i had written to my friend that I see words as pieces of silk, whispery caresses.  Or as tiny smooth river pebbles in which one might bathe at a fancy spa.

Choosing the right words in the right sequence: so mechanical.  Paint by number.  Or, alchemical.  Vermeer.

The Most Wonderful Time of the Year

Our back yard dips down quite low; the back end of it houses the water runoff for the whole neighborhood, so it’s the lowest spot and the wettest.  I don’t know the science behind fog but the yard was blanketed in it and it was enchanting the way snow can be.  The ugliest things: the decaying woodpile from a dead birch, the 5 gallon paint buckets from a neighbor’s honey-do chore, the unwieldy unpruned butterfly bush, all made soft and pretty.
Then on the way to work as the sun gets serious its gold shoots through the corn and vanquishes the damp, winning the battle not the war–  but in the moment as it happens I sense all the vanquishing, of winters and summers and years gone by.  I sense time passing, but collect this minute, this instance of bliss, this sunrise and surge of energy.  Catalogued, banked.
I love autumn, and I love winter.  My mind is most fertile when it’s cold.  Whatever relationship there is between what might be perceived as a soul and the carbon-based fleshy sack around it, in me, is most antagonistic when it’s hot.  Heat makes me sour, irritable.  I take it as an assault on me even as others relish it.  I lose hope for the future.
I love cold, I love being cold, I love breathing cold air.  I’m cheered by it and feel cared for, a secret between me and god him/herself,  a secret code only I understand.

This Moment

I just read that “to be bored is to be inattentive.”

Attention is a bit like appetite: it can be primed, and it can be oversated.  If you are hungry, you could take care with what you choose and sear some scallops in butter, pepper them lightly and finish with a bit of lemon and white wine, and it’s a delight.  Or you could shove some Tastycakes into your piehole until you want to vomit.

At this moment I’m not in the Alice Cooper concert for which I was an usher at 15 years old, at which my capacity for attention was overwhelmed and I had to leave early with headache.

Nor am I in the mandatory three day training last week, in which one must sit uncomfortably side by side with people not of one’s choosing while looking at a powerpoint in one’s lap and on a screen 15 feet before one, and having said powerpoint (so helpfully) read to one by a pre-recorded voice (Oz-like), and, piece d’resistance, having said pre-recording interrupted with asides by a “trainer,” so named for the inadequate training he got from the higher-ups, who themselves are inadequately trained by people even further up who have far too much confidence in their abilities to interpret and transfer information, and in their belief that said information trickles down to us in a way that is consumable—phew, rant largely avoided there, NOT.  In the training, boredom was acute–it was like being on the conveyor belt with Gumby when the sweets were shoved in his face, but instead of sweets it was policy.  Yuck.

At this moment, I’m on the back deck with coffee– “on the back deck with coffee” really is enough, as it evokes such ease and tranquility as I’m experiencing.  But to show the point of the impossibility of boredom when attentive: the air is cool and sweet, the breeze enough to soothe the sunburn on my face.  There is an enormous weeping willow ahead 200 feet on the other side of the yard, a dead ringer for an outsized dripping green ice cream cone or Oscar the Grouch’s hippie sister.  The sound of highway traffic belies our socio-economic status.  In the time I’ve been writing, a dozen or more neighbors have awakened to let out dogs and children to enjoy the sunshine, grabbing their Sunday papers before they go where they will with their coffee.  I have grooveshark up to play Phil Keaggie, just something I was in the mood for.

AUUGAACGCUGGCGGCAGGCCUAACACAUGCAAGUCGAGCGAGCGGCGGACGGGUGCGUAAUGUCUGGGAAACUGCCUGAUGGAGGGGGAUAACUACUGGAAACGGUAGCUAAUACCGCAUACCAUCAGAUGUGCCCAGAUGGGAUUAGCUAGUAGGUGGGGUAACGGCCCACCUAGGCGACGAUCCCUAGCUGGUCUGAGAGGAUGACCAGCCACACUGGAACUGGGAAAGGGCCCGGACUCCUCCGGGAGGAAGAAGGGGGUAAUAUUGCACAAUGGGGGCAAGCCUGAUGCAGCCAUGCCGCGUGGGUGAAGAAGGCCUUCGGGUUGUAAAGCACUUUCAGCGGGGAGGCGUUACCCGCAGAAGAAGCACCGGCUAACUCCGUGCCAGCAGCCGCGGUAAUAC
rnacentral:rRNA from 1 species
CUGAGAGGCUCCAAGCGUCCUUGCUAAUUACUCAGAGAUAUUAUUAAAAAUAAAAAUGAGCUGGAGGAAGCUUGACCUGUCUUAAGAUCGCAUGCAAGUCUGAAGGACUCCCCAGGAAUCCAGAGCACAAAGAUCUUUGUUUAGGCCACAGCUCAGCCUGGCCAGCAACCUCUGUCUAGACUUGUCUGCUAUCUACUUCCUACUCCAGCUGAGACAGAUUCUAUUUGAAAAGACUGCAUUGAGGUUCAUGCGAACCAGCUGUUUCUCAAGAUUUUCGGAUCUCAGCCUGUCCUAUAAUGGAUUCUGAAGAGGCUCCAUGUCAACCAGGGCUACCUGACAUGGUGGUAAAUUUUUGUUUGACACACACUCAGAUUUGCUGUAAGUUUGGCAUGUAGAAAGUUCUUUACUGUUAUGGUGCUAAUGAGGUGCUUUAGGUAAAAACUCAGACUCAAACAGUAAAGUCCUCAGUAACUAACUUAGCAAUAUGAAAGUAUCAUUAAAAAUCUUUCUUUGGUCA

In this moment, I am grateful.  There are disappointments and aggravations, yearnings that can’t be named, worries for the future.  But in this moment I am suffused with passion for the rest of my moments.  Each a gift.

Welcome to the World of Need

Hi!  Welcome to the World of Need.  If you’re new here, allow me to explain a couple things about the accommodations and decor, what will be expected of you, and what you’ll get for your efforts.

If you have recently left the working class, I apologize for the shitty chairs, the surly service, the crumbs on the floor, the bureaucracy, the inability to reach anyone by telephone, the hour waits to see anyone in person, the lost paperwork, the limited menu of options to help you, the need to verify every burp that comes out of your household, the good intentions, and especially the bad intentions.  While it’s our job to serve you, you will often feel that you’re left begging or yelling to get what you need, and that is a sorry state right there.  It sucks, and I apologize.  Additionally, we will ask you to do a lot for very very very very little, we will wrap it up and decorate it and call it “a leg up,” and you will find it very stressful and demoralizing.  I’m sorry.

If you have recently slipped out of the middle class, upper middle class, or upper class and find yourself with no options but to join us, and you walk in without the natural humility that might come with reduced circumstances and are in fact pretty arrogant about “not belonging here,” well fuck you.  Here’s why.  You likely voted for the shitty chairs and surly service, you grew the bureaucracy to make sure not ONE person got help who was less than deserving, and the result is like ten wasted man-hours to get one family the merest pittance of help.  You thought of the World of Need as a place you’d never be, frequented by lowlifes who want to TAKE*TAKE*TAKE, and then you try to yell at ME because there are crumbs on the floor and you “DID NOT WORK MY WHOLE LIFE TO BE OFFERED CRUMBS, WHAT DO YOU MEAN I DON’T QUALIFY– THIS IS BULLSHIT.”  This is the bullshit you ASKED FOR, because help was for “those people,” and “they” don’t deserve anything.  “They” should be forced to grovel.  Well, when “they” is “you,” and I’m sitting on this side of the desk, BELIEVE ME IT’S TEMPTING.  Please take a seat and shut the fuck up, I’ll be with you shortly.